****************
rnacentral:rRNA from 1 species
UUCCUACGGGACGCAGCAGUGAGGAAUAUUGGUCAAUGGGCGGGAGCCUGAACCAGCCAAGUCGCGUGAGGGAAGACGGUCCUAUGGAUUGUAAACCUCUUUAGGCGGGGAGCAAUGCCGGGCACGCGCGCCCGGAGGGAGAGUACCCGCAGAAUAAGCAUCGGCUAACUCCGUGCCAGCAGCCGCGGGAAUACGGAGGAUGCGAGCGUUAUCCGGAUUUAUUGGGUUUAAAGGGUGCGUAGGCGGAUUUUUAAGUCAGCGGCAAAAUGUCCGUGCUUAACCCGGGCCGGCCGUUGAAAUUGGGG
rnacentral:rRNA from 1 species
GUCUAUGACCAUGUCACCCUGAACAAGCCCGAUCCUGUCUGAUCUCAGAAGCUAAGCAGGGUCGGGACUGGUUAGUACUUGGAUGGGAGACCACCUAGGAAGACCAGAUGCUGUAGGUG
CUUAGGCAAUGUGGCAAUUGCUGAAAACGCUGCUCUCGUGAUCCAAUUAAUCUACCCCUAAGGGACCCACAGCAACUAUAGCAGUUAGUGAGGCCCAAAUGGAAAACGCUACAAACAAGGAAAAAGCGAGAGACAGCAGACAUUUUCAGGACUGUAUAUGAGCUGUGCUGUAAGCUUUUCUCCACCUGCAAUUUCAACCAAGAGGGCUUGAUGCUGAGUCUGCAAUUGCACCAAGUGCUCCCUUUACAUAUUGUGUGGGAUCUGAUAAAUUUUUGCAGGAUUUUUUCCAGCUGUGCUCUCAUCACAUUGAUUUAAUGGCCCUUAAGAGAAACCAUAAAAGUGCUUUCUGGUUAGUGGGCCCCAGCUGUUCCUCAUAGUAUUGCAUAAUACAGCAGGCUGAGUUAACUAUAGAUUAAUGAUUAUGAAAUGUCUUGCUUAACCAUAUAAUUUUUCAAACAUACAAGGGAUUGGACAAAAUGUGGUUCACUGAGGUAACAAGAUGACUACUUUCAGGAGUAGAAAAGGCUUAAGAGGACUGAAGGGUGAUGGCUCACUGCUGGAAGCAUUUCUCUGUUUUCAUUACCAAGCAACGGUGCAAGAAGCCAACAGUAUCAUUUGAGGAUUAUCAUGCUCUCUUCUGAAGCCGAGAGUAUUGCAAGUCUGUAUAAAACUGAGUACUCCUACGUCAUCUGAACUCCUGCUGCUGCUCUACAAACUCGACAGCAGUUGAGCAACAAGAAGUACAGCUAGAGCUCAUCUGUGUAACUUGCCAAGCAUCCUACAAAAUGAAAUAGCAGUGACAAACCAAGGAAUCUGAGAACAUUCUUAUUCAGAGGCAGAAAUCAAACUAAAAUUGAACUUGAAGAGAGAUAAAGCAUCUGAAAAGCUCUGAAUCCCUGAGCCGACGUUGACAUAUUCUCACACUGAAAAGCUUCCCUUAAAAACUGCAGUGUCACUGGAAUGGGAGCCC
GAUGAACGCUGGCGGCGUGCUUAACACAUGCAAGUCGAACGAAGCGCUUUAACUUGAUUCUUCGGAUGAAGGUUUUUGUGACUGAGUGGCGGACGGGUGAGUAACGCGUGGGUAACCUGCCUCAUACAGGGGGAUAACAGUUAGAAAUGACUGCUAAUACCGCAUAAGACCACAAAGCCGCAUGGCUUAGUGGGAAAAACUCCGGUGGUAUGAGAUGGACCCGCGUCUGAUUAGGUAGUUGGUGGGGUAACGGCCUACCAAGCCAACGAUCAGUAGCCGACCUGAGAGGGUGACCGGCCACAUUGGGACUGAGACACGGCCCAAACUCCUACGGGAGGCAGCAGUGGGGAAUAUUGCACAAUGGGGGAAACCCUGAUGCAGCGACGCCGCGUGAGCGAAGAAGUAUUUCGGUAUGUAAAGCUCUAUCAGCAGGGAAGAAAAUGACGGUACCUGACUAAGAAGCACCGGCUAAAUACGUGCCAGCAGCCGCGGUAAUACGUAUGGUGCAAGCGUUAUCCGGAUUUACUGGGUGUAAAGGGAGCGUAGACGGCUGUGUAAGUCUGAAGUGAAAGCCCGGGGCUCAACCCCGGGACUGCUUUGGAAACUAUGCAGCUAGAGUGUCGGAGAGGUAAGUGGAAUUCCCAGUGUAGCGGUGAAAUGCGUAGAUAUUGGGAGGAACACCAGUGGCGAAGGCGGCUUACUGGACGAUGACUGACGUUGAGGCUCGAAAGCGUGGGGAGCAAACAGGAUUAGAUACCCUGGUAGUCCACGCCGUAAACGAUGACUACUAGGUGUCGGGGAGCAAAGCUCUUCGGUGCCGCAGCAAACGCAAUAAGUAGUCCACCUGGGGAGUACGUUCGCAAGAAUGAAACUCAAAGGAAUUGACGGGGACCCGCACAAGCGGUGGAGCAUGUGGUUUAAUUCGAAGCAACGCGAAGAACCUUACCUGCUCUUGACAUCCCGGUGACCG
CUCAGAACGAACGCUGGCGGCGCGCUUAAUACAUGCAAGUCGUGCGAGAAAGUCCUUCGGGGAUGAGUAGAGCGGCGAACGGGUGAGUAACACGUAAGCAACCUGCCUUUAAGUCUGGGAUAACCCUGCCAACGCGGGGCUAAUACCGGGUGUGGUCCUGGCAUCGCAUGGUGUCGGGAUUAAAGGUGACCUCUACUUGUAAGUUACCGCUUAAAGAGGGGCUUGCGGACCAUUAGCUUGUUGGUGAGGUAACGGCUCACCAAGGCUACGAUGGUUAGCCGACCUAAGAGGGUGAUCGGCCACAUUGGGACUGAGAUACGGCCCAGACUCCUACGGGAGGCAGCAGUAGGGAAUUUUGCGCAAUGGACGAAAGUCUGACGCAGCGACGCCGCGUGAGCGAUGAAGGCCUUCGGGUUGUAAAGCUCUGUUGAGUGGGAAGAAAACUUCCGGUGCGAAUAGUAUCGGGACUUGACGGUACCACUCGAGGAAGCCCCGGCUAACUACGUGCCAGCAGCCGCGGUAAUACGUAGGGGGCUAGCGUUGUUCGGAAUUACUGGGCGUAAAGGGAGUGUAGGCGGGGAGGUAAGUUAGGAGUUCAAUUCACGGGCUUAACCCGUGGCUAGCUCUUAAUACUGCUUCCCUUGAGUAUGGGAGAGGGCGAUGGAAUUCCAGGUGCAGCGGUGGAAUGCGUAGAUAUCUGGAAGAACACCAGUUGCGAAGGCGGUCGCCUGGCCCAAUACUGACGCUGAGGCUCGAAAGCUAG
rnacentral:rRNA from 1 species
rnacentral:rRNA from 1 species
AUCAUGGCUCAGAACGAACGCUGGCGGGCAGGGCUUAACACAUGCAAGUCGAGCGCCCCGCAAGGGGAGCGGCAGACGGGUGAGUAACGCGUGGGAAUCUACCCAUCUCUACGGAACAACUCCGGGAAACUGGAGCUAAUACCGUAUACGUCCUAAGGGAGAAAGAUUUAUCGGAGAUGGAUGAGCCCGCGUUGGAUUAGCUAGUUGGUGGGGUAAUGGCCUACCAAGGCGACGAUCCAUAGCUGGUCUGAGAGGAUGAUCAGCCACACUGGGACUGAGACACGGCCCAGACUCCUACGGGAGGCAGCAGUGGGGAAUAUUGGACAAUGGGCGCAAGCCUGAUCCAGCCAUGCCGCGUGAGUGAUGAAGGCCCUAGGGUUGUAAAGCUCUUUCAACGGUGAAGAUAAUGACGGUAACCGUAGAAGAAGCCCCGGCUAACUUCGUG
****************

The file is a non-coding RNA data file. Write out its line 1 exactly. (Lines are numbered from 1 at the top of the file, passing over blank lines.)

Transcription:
rnacentral:rRNA from 1 species